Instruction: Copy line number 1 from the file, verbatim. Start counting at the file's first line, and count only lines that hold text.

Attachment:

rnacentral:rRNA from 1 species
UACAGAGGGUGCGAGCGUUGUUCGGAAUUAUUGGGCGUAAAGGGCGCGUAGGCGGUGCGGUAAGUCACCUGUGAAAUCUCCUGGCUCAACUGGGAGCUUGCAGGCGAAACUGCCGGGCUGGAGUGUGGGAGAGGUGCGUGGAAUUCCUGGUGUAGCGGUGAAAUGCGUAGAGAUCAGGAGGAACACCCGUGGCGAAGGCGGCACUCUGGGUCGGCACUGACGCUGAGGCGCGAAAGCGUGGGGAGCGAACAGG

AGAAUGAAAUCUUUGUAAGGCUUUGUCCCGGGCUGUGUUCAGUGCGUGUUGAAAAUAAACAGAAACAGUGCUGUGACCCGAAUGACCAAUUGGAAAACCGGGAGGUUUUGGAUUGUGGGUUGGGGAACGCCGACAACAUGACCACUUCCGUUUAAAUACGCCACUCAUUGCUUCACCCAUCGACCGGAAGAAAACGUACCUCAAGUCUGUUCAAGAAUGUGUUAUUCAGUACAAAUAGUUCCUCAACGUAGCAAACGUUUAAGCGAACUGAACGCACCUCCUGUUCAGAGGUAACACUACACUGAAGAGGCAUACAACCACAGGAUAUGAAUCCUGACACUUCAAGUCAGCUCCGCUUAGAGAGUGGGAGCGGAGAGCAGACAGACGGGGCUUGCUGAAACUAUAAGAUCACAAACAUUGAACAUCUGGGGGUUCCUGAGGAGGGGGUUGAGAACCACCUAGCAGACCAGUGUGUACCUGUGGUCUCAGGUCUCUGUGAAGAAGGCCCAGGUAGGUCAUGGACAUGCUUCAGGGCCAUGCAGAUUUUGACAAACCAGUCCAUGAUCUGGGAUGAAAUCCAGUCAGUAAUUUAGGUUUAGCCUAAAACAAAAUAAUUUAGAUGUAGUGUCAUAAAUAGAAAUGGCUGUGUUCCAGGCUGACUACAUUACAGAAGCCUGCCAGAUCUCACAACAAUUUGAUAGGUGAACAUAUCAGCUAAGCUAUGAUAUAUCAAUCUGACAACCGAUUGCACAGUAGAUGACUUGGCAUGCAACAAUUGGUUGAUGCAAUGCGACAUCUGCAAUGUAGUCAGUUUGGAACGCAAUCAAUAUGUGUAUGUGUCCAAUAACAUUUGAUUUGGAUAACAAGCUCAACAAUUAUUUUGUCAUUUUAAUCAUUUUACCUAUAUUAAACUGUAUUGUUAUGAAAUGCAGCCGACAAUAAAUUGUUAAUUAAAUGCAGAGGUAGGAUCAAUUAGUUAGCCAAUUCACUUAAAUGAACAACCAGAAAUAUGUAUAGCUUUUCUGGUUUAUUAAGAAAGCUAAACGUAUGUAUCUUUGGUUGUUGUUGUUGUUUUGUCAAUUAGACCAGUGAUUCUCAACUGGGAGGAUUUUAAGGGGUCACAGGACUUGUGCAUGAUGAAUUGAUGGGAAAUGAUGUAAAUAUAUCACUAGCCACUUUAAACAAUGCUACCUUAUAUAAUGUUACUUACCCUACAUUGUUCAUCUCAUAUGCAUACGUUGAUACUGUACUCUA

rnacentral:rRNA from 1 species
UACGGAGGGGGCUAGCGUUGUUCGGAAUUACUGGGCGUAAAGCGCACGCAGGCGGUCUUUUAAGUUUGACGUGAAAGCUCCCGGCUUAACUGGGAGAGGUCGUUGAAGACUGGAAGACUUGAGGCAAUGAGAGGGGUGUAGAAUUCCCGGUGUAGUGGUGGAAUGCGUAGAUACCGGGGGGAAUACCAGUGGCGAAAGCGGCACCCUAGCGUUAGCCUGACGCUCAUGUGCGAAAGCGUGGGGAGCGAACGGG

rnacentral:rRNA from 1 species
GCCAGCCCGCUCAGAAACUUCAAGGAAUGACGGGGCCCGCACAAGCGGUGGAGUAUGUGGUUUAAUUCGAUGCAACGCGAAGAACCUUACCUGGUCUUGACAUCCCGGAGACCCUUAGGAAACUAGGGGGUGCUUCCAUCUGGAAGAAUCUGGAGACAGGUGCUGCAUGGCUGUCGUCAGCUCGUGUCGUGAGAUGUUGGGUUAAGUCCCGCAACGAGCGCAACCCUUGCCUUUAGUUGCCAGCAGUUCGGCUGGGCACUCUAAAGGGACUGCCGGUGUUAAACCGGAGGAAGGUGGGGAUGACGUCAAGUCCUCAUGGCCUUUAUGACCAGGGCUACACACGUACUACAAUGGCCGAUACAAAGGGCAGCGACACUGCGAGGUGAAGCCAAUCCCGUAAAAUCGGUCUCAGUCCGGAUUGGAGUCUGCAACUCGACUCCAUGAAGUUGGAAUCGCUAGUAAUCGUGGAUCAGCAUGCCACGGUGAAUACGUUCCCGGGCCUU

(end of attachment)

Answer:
rnacentral:rRNA from 1 species